Recommended Reading: Setting the Royal Clocks in Windsor Castle

A time-sensitive royal duty.

As daylight savings time ended in the United Kingdom, the full-time horological conservator at Windsor Castle was setting some 400 clocks, one at time – a task that takes some 16 hours.

As documented in a recent BBC story, horologist Fjodor van den Broek is responsible for all the clocks at Windsor Castle, while a colleague oversees the timekeepers in Buckingham Palace. Aside from the once-a-year task of setting the clocks for daylight savings time, Mr van den Broek has to wind all of them once a week, which takes an entire day. And he also keeps all of the clocks in running order, performing repairs in his workshop, which is also equipped to fabricate replacement parts for the movements.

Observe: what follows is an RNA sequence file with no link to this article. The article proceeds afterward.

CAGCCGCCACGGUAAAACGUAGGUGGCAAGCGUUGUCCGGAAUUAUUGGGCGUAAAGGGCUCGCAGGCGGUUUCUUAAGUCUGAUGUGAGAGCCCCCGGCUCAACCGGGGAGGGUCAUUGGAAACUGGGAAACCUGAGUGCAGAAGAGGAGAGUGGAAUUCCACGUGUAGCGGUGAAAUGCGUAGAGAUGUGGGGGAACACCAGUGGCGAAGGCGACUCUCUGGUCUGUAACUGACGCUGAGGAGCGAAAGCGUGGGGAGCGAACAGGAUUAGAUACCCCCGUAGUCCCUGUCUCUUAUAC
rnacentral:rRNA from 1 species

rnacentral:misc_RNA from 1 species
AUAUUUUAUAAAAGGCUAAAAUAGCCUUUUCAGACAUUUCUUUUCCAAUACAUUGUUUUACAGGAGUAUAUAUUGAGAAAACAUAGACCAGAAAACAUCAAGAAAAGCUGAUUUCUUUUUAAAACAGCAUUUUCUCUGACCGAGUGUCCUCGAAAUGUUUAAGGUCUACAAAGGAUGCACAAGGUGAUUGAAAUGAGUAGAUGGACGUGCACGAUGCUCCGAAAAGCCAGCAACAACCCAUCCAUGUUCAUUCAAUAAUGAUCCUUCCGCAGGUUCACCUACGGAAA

The story also covers some of the Mr van den Broek’s favourites in the castle, which include a lavish, porcelain-panelled clock gifted to Queen Victoria in 1844 by King Louis-Philippe of France.

The 1844 clock given to Queen Victoria

Other notable timepieces in the castle – the castle itself is home to about 250 clocks – include a 1740 organ clock that plays music by Handel, and houses a rock crystal casket that contains the bible owned by Gordon of Khartoum.

You’ll find the full photo report on the BBC.


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